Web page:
SWOT Analysis for Customer Service

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Undertaking a SWOT analysis of customer service involves identifying what “customer service” represents for you and your organization in terms of procedures, behaviors, motivations and attitudes. It means analyzing your entire customer service process at every level and stage in terms of its existing strengths and weaknesses, then considering how it might be manipulated and improved to meet potential opportunities and overcome possible threats.


Customer service
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A SWOT analysis of customer service is a means of helping you identify what is currently strong or weak about your service levels. It then helps you to build upon those strengths and overcome any weaknesses by identifying potential opportunities which may be open to you to improve customer service while at the same time helping you recognize potential threats which may undermine your position. As a strategic business tool, a SWOT analysis first addresses the overall nature of your customer service before dealing with specific details of implementation at a later stage.

Customer Service Components

Customer service
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The starting point of a SWOT analysis is establishing a clear picture of all the key variables and processes that comprise “customer service” in your department or organization. This varies greatly across organizations depending on their size, nature of business, geographical position and service channels. It may also differ between teams and individuals, depending on their role, experience and understanding of what “customer service” means.

Customer Feedback

Customer service
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Getting clear input from customers about what they like and dislike about your service style and levels is crucial before you undertake a SWOT analysis. This will highlight the points that are important to them (strengths and weaknesses) and may provide you with suggestions for new ways of servicing their needs (opportunities), as well as giving you a feel for the possible consequences of failing to improve.

Strengths and Weaknesses

Customer service
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Customer service strengths are those things that you consistently excel in and which you do better than your competitors. However, customer service strengths ultimately relate to customer perceptions--it is their view of what you do well rather than your own which is important. Weaknesses are areas of customer service that need improvement. Once identified, it is important to establish the reasons for poor performance--which may range from poor staff training, to inadequate delivery mechanisms or unreliable technology. Weaknesses in some areas of customer service may cancel out strengths in others which is why the delivery chain should be analyzed as a whole.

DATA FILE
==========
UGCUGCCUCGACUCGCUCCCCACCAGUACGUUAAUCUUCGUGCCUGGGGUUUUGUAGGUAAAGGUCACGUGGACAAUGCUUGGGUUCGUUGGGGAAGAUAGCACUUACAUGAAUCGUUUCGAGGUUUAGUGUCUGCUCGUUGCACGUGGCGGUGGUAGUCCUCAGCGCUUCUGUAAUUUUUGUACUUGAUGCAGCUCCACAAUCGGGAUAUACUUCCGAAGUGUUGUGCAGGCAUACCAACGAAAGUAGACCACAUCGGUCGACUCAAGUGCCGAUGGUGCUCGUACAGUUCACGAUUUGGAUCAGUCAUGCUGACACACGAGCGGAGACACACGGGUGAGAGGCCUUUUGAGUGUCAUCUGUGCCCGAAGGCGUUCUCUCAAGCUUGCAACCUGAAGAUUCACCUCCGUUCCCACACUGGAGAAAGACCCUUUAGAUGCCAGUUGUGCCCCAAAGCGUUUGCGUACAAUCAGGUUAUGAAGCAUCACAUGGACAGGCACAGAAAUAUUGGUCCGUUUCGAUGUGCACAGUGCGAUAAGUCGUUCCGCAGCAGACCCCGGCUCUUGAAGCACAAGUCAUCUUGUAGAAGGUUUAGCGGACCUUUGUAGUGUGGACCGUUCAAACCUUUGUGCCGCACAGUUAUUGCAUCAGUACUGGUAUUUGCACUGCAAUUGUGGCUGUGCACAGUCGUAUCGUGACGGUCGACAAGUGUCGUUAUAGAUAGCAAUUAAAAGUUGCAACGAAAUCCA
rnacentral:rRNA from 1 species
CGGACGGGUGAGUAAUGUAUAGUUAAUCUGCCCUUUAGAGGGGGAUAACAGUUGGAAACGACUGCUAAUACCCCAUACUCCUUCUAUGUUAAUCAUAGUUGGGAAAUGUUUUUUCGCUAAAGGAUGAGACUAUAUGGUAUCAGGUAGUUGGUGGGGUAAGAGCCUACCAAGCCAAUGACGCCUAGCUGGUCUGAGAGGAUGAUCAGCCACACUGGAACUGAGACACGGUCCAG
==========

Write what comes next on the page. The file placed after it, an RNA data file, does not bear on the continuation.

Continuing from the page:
Customer service team
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Customer service opportunities relate both to technology that might improve existing service levels or to completely new service processes. As well as using any customer input about possible improvements or developments, seek innovative solutions from your own staff and suppliers and also look at what your competitors are doing. Also, consider what other organizations in different business sectors are doing in customer service terms--much of it may be transferable to your organization.


Customer service
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Lack of understanding of changing customer expectations and needs is one of the biggest threats for customer service, alongside competitor activity and innovation from new entrants to the market. Using specific customer service measures is a good way of analyzing how much customer service is perceived to improve or decline year on year, underlining how much of a threat is posed by poor performance.


Customer service
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Once identified, strengths, weaknesses, opportunities and threats should be used to formulate specific objectives and an action plan for improving customer service levels. Objectives should aim to build upon strengths and reduce weaknesses by taking advantage of opportunities for improvement. This will reduce the potential impact of some or all of the associated threats. Good communication and customer service training may be needed to enable people to meet these objectives.



About the Author

Dianne Bown-Wilson is a highly experienced writer, speaker, management consultant, executive coach and trainer. A professional writer since 1973, Bown-Wilson has written for numerous print and online publications. She is currently completing Ph.D. research in age management at Cranfield University, and she has co-authored two books: "Marketing, Management and Motivation," and "Primetastic!"

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